Meeting the Milkmen

In junior high back in the early 90s, my friends and I discovered the Dead Milkmen. They hit their heyday in the 80s with an irreverent surf-punk sound, receiving college radio airplay with the song Punk Rock Girl. Their lyrics were ridiculous and profane. Their beats were light and choppy, with most songs not lasting much longer than 2 minutes.

In our early teens, we giggled at their cursing and juvenile antics. Our favorite songs were Bitchin Camaro, Dean’s Dream and Takin’ Retards to the Zoo. We sat in Marc’s basement, with the tape deck cranked to the max, and we laughed and laughed, secure in the knowledge we were the coolest kids on the block.

And just as we discovered the Milkmen, they disbanded in 1994. After college, most of my Dead Milkmen albums were pawned at the record store, along with Frank Black and Mudhoney. I held on to Big Lizard in my Backyard and Beelzabubba, must haves for any young adult who grew up in the 90s.

Little did I know, the Dead Milkmen were from the Philadelphia area, and they still live here today.

A couple of weeks ago, I saw that the drummer, Dean Sabatino, was playing with his side band Baby Flamehead at the North Star Bar, my favorite music venue in Philly. I marked it on my calendar.

Then earlier last week, I checked the website for details, and saw that another band had been added to the venue, called 25 Cromwell Street, featuring Rodney Anonymous, lead singer of the Dead Milkmen.

My mind swirled. What if they had a mini Dead Milkmen reunion on stage? The hometown crowd is gonna sell out the joint! I better buy my ticket now!

So I did. I went to TicketFly and purchased my $10 ticket, spending an extra $2.25 for the processing fee. I figured it was worth it. It was the Milkmen for gosh sakes.

Friday night came, and I was exhausted from work. But I trudged to the North Star. The show started at 9, and it was pushing 9:30. I didn’t want to miss a thing.

I got to the North Star, and it was dead. The doorman told me cover was $10, and I told him I pre-paid. He shuffled through some papers and pulled out the list. My name was the only one on there.

He stamped my wrist and I was in. In an empty bar.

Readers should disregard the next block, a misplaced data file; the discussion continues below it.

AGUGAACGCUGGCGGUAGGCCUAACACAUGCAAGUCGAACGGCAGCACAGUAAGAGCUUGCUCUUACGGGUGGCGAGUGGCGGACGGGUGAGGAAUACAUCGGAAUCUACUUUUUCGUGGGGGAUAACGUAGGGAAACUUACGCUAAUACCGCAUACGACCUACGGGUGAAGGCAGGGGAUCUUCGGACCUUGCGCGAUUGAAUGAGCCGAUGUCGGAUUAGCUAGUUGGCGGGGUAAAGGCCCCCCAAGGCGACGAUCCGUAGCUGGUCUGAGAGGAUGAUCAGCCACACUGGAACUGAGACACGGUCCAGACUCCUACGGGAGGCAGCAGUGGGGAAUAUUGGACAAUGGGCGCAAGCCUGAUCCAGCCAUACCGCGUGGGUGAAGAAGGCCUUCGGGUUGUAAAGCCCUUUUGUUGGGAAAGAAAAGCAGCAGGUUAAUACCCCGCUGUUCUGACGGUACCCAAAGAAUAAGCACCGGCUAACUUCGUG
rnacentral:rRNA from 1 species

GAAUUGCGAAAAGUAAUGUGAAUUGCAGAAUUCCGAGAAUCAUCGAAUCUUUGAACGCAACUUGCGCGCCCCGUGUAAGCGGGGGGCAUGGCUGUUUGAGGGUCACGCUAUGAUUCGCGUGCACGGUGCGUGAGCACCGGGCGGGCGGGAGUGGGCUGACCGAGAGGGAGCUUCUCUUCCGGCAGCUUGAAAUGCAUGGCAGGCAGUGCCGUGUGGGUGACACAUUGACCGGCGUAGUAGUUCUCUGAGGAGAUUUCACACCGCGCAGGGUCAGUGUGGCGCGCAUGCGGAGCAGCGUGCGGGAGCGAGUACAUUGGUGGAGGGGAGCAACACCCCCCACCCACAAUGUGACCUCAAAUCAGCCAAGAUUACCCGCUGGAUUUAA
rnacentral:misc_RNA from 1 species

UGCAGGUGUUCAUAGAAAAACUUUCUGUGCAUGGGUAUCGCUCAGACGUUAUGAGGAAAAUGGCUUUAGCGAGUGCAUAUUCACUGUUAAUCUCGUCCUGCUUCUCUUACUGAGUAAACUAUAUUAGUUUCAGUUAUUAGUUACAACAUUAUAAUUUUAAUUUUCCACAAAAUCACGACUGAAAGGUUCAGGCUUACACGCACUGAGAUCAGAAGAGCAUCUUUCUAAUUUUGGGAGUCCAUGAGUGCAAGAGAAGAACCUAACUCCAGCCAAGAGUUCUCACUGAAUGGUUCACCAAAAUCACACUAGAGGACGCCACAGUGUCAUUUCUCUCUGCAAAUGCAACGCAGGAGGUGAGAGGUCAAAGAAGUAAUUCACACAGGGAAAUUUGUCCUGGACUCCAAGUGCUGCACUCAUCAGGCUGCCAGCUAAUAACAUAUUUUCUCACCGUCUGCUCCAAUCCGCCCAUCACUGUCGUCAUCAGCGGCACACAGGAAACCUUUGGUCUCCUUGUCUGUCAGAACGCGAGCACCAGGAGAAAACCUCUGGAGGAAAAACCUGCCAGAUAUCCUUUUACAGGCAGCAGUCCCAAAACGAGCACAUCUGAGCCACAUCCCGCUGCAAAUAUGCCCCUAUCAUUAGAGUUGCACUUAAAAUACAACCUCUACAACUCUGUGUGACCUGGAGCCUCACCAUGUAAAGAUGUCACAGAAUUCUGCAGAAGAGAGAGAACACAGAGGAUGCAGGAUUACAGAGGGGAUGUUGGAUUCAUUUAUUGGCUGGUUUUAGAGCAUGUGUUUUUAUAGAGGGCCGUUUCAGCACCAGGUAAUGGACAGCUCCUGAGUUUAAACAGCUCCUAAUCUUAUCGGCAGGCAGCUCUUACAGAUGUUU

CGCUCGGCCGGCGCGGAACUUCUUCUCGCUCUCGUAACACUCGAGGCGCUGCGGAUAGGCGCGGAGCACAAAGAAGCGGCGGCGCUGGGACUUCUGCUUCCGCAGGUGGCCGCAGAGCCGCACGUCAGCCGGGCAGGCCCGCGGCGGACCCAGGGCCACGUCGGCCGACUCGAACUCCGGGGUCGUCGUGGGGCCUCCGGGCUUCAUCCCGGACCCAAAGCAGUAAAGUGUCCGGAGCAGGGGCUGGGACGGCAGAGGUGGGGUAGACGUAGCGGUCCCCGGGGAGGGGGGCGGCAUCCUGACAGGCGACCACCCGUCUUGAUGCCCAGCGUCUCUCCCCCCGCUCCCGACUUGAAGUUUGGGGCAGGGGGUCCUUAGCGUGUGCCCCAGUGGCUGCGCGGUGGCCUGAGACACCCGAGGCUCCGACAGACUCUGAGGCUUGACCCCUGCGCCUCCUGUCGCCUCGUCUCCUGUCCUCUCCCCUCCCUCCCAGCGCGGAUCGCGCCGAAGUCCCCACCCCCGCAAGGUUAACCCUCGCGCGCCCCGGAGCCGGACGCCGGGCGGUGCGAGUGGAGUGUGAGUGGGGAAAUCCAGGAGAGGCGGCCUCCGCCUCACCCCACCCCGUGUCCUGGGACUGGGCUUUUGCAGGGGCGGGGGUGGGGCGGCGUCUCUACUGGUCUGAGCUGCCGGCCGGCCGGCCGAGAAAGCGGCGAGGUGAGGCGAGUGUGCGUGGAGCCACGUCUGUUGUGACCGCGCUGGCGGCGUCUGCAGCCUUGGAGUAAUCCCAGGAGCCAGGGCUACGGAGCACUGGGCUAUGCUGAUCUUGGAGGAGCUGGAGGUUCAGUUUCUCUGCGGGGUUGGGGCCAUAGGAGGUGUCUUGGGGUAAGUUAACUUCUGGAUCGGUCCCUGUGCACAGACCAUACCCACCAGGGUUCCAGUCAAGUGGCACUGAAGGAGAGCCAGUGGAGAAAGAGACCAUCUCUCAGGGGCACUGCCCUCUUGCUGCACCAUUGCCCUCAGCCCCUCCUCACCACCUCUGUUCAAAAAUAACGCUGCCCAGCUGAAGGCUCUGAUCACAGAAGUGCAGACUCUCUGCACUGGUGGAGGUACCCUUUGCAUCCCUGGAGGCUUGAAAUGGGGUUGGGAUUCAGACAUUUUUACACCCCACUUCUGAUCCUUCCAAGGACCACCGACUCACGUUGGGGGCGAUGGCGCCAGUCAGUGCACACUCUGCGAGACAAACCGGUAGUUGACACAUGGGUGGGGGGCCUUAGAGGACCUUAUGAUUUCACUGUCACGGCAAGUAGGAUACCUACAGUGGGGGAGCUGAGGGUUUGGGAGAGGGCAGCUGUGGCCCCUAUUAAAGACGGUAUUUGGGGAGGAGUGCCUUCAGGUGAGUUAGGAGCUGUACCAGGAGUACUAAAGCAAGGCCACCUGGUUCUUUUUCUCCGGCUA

25 Cromwell Street started just as I picked up the first beer. Rodney was on the left, blowing into some clarinet looking instrument with keys like a keyboard. There were 3 other members in the band, a mandalin player, a guitar player (who only played on 2 songs) and some guy hitting a hand drum.

After the first song, Rodney switched to the hurdy gurdy. I only learned it was a hurdy gurdy when I asked Rodney later on what it was.

They covered some Bob Dylan, Nick Cave and played an original called “Give My Mom a Hand Job.” The 13-year-old boy came out and I found myself giggling in my seat. There were about 10 other people in the room, tittering along.

25 Cromwell Street was done after a 30 minute set. Rodney packed away the hurdy gurdy, and lugged off his own equipment, having to dodge out of the way of the next band.

Once his stuff was stashed, Anonymous hung out with his mandolin player in front of the stage. When he walked by, I gave him a high five.

It just so happened that our beers emptied at the same time. I sidled up next to Rodney at the bar and asked if I could buy him a beer. He said his were free, but thanks. I told him that Big Lizard in My Backyard was the only album my dad ever made me turn off.

Rodney laughed and said he had never heard that before. He said his dad made him turn off Frank Zappa.

The next band started playing – the Kopecky Family Band out of Nashville. I discounted them off the bat because of their ironic hipster fashions (cut off jean shorts with a French roll), but it turned out their music rocked. I compared them to musical Transformers, as the band constantly changed instruments in between songs.

Since the crowd was still pretty light, which was a shame, Rodney Anonymous and I were the two of about 10 people rocking out on the dance floor. We were standing next to each other. He was really short and bald. I was cheesed. Here I am hanging out with the lead singer of the Dead Milkmen!

After the set, we had a lively conversation about the Kopecky Family Band and other music, including our mutual admiration for Nick Cave, and he told me about a Japanese band called Baal that I had to check out.

By this time other friends of his had shown up, and I excused myself. I stood outside the bar and texted every single high school friend to boast about my encounter.

Another hipster Death Cab for Cuties wannabes band played, and then Baby Flamehead was up. I found myself hanging out with Rodney again, watching Dean play drums for this boring folk band that probably was popular back in the 90s, but was now sorely outdated.

By the end I was mildly drunk and ready to fall asleep on my feet. Rodney was shaking hands with me and ready to party. I bid adieu and moseyed on into the night.

The experience was worth the extra $2.25.

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